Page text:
Digital encryption is taking a new course with the advent of ID-chip embedded passports that are due to be issued in the U.S. this year. Digital encryption technology enables sensitive and secure data to be manipulated and transferred electronically for verification; with the increase in today’s security measures and traveler’s anxieties about personal safety, an E-passport may be just what the majority of travelers need.
The International Civil Aviation Organization has been developing and evolving the concept over the past few years, with a strong move toward electronic verification systems that can offer high-security opportunities for the majority of travelers. The ID chip would be difficult to falsify, and it would work in addition to other ID tags such as fingerprints, eye scanning systems, and other digital traveler-profiling strategies.
Radio Frequency Identification (RFID) is being used in a variety of tools for tagging, finding, and retrieving information such as barcodes, personal data, and even physical inventory. The concept is based on retrieving data from radio waves embedded onto a label-style material. Today, it’s often used in library systems, bookstores, and other retail establishments to track and manage inventory effectively. RFID tags may also be used at grocery stores in the near future as customers become accustomed to simply scanning items directly from their grocery carts as they pass by an RFID scanner. The New York City subway system is using the technology to allow people to pay for tickets easily with a quick and simple scanning system. Transit fare collection, as well as payments at the gas pump,are two other avenues where speed of service can be dramatically improved with the option of quick scanning in place.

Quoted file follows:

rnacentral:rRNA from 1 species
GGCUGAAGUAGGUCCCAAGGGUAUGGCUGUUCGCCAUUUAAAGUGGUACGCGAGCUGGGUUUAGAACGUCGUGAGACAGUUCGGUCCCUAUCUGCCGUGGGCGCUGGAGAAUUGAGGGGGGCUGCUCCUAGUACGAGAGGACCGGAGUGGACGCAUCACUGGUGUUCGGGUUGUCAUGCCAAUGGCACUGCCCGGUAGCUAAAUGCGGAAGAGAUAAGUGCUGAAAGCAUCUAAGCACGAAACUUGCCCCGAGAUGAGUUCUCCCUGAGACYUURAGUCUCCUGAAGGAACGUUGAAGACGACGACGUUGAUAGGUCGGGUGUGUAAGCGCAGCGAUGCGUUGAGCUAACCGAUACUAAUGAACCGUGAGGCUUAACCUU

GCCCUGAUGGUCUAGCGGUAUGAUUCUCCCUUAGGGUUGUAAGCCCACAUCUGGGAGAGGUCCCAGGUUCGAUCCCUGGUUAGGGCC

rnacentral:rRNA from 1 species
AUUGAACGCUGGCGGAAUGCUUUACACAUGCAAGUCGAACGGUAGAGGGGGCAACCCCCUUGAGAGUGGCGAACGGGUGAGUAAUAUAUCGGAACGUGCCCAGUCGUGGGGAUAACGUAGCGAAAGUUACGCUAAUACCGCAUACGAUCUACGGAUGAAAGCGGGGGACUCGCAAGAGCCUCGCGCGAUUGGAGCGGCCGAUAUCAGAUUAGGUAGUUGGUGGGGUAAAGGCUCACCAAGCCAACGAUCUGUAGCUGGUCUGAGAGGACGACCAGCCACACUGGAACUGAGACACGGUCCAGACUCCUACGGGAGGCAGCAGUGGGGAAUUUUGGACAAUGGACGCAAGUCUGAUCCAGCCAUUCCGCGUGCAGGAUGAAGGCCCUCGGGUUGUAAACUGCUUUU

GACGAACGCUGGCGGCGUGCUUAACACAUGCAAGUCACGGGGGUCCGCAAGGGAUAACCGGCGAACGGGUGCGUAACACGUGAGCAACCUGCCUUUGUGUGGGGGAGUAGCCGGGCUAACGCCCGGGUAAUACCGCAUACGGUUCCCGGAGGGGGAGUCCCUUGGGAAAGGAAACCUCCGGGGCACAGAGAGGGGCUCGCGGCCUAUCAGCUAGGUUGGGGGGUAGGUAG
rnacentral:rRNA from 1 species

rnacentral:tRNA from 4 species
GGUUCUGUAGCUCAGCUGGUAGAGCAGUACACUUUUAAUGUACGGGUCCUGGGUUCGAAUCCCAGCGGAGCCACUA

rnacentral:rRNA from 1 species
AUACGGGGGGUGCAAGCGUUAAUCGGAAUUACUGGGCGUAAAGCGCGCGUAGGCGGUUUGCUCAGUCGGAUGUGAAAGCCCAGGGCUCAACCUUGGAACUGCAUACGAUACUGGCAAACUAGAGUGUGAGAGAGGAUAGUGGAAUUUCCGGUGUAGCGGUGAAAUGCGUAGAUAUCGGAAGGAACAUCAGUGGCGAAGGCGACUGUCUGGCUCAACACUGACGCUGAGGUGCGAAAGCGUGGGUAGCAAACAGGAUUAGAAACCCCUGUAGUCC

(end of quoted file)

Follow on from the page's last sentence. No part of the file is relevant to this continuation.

Human implants of RFID tags are not too far off either; consider that some nightclubs in Barcelona are offering implanted chips for frequent guests and VIP customers. The concept itself seems akin to a sci-fi movie or scene from ‘The Matrix.’ High-security establishments and offices may offer this to employees. In an effort to track and maintain confidentiality and exclusive control of important data access, the Mexican Attorney General’s office reportedly implanted 18 of its staff members with the ‘Verichip’ in 2004 (www.spychips.com). RFID technology is poised to evolve in a variety of industries, but using it for e-passports opens up new avenues for increased and enhanced security measures. The tags are embedded with the traveler’s personal details, identification protocol, and of course a picture that can be retrieved on screen.
With increased airport identification and security tools in the works, travelers may be able to ease anxieties about travel security and safety. RFID E-passports are just one opportunity for increased security measures, and the technology itself is advancing towards a variety of industries to increase efficiency, smoother transactions, and encrypting vital data.